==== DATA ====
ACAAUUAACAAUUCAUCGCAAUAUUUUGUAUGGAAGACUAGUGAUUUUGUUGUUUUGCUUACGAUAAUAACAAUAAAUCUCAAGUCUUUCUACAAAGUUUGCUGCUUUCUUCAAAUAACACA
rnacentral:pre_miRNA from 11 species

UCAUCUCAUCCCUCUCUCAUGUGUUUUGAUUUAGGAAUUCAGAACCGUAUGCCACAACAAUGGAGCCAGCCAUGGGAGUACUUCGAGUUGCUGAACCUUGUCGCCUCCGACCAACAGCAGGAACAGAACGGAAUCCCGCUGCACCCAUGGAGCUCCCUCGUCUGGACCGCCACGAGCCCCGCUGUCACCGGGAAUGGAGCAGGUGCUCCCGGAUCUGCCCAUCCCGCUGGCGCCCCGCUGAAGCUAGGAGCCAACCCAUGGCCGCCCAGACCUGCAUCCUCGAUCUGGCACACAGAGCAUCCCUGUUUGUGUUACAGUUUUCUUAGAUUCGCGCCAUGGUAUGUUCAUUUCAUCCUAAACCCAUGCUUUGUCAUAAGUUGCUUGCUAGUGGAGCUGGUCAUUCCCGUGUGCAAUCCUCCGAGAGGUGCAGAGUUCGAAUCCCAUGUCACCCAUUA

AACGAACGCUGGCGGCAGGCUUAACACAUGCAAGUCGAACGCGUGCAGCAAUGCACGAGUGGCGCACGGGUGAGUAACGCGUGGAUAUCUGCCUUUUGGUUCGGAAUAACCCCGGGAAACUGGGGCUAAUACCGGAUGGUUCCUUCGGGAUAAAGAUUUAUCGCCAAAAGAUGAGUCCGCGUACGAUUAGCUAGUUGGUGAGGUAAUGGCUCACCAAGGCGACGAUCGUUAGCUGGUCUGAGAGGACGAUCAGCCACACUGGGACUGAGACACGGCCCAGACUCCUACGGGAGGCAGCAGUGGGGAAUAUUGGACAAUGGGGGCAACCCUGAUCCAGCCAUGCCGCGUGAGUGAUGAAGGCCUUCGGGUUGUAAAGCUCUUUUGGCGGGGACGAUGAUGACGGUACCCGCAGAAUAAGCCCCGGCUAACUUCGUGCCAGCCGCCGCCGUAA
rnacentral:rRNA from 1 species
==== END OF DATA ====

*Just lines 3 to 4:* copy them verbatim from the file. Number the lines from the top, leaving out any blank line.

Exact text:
UCAUCUCAUCCCUCUCUCAUGUGUUUUGAUUUAGGAAUUCAGAACCGUAUGCCACAACAAUGGAGCCAGCCAUGGGAGUACUUCGAGUUGCUGAACCUUGUCGCCUCCGACCAACAGCAGGAACAGAACGGAAUCCCGCUGCACCCAUGGAGCUCCCUCGUCUGGACCGCCACGAGCCCCGCUGUCACCGGGAAUGGAGCAGGUGCUCCCGGAUCUGCCCAUCCCGCUGGCGCCCCGCUGAAGCUAGGAGCCAACCCAUGGCCGCCCAGACCUGCAUCCUCGAUCUGGCACACAGAGCAUCCCUGUUUGUGUUACAGUUUUCUUAGAUUCGCGCCAUGGUAUGUUCAUUUCAUCCUAAACCCAUGCUUUGUCAUAAGUUGCUUGCUAGUGGAGCUGGUCAUUCCCGUGUGCAAUCCUCCGAGAGGUGCAGAGUUCGAAUCCCAUGUCACCCAUUA

AACGAACGCUGGCGGCAGGCUUAACACAUGCAAGUCGAACGCGUGCAGCAAUGCACGAGUGGCGCACGGGUGAGUAACGCGUGGAUAUCUGCCUUUUGGUUCGGAAUAACCCCGGGAAACUGGGGCUAAUACCGGAUGGUUCCUUCGGGAUAAAGAUUUAUCGCCAAAAGAUGAGUCCGCGUACGAUUAGCUAGUUGGUGAGGUAAUGGCUCACCAAGGCGACGAUCGUUAGCUGGUCUGAGAGGACGAUCAGCCACACUGGGACUGAGACACGGCCCAGACUCCUACGGGAGGCAGCAGUGGGGAAUAUUGGACAAUGGGGGCAACCCUGAUCCAGCCAUGCCGCGUGAGUGAUGAAGGCCUUCGGGUUGUAAAGCUCUUUUGGCGGGGACGAUGAUGACGGUACCCGCAGAAUAAGCCCCGGCUAACUUCGUGCCAGCCGCCGCCGUAA